The effect of X-ray irradiation on the developing hard tissues of the mandible.

Adkins, Kenneth Francis. (1966). The effect of X-ray irradiation on the developing hard tissues of the mandible. PhD Thesis, , The University of Queensland.

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Author Adkins, Kenneth Francis.
Thesis Title The effect of X-ray irradiation on the developing hard tissues of the mandible.
Institution The University of Queensland
Publication date 1966
Thesis type PhD Thesis
Supervisor G. N. Davies
Total pages 176
Language eng
Subjects 1199 Other Medical and Health Sciences
Formatted abstract
The effects produced by 1200 R of x-radiation on growing bone, cartilage and dentine in the mandible have been studied in albino rats.

Foreshortening of the irradiated mandibles was apparent within seven days. There was some indication that the most severe effects resulted when the radiation was administered in a single dose but statistical analysis failed to show any significant differences between the three dose/time patterns used (l x 1200 R, 2 x 600 R and 4 x 300 R ).

The femurs, which were protected during irradiation, were also examined. There were no statistically significant dimensional differences between them, and histologically they were all structurally normal. There was no evidence that irradiation of the pituitary gland had caused any impediment to the growth of bone.

Qualitative changes occurred in the dentine. In the more mature portions of the incisors, the dentine which formed following irradiation was hypomineralized. In the less mature regions, the changes included the formation of a niche, degeneration of odontoblasts, differentiation of adjacent pulpal cells into osteoblasts and the formation of a coarse osteodentine. These changes were marked whether the radiation was administered in one, two or four doses.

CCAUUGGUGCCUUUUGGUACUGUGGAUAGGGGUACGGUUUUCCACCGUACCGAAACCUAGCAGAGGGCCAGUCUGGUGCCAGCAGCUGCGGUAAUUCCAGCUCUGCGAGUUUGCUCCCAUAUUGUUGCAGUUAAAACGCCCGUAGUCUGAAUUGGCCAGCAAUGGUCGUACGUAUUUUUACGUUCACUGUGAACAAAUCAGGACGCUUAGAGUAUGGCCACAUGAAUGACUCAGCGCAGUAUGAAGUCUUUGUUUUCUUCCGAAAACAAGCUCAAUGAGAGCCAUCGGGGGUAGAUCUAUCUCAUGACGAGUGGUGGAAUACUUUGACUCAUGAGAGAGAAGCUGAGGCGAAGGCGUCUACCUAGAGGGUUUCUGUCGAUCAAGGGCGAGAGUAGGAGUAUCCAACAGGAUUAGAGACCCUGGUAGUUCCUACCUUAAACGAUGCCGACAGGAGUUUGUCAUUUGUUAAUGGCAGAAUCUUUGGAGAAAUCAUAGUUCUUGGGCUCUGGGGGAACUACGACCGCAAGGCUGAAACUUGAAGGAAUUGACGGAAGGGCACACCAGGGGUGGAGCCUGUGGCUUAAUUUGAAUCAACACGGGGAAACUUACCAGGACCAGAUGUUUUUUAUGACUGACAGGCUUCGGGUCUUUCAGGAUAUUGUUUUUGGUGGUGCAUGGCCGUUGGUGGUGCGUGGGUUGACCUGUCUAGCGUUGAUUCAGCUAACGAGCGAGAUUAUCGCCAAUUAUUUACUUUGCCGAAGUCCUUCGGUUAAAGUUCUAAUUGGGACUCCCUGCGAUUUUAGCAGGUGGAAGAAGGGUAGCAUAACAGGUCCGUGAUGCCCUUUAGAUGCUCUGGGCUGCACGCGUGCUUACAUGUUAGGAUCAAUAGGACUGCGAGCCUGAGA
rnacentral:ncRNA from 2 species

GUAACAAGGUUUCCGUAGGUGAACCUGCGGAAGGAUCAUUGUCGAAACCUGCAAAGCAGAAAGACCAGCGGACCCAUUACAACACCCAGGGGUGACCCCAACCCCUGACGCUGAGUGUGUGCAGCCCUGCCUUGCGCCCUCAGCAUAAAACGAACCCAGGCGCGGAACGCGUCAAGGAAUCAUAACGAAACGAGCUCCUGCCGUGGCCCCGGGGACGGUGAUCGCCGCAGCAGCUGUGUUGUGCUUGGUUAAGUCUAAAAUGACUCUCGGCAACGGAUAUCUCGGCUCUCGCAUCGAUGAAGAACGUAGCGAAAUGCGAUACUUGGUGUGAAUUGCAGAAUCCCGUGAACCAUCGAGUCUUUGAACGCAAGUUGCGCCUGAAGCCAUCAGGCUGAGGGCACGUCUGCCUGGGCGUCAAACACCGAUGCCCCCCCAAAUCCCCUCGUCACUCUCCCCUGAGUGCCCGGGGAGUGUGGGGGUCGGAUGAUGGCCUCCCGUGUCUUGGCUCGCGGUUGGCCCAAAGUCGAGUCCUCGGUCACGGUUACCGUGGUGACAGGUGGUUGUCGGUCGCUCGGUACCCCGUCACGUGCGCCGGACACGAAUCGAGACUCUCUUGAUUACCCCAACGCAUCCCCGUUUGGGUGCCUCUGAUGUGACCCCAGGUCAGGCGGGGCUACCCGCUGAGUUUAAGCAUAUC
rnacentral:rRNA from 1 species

In the irradiated mandibular condyles the haemopoietic marrow was replaced by fibrous tissue. Differentiation of osteoblasts was temporarily impeded and as a result ossification close to the cartilage was reduced. Isolated functional chondrocytes were identified in the metaphysis.

The findings of this study are :

(1) 1200 R of x-radiation produces severe dimensional and qualitative changes in the hard tissues of the mandible.

(2) Fractionation of the total dose into 2 x 600 R and 4 X 300 R treatments does not significantly reduce the deleterious effect which the single large dose has on the growing bone, cartilage and dentine.

(3) Inclusion of the pituitary gland within the field does not result in any noticeable changes in the protected bones.

(4) The effects in the mandible result from the direct irradiation of that bone.

Keyword Jaws -- Radiography
X-rays -- Physiological effect

Document type: Thesis
Collection: UQ Theses (RHD) - UQ staff and students only
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Created: Tue, 20 Jul 2010, 12:25:00 EST by Muhammad Noman Ali on behalf of Social Sciences and Humanities Library Service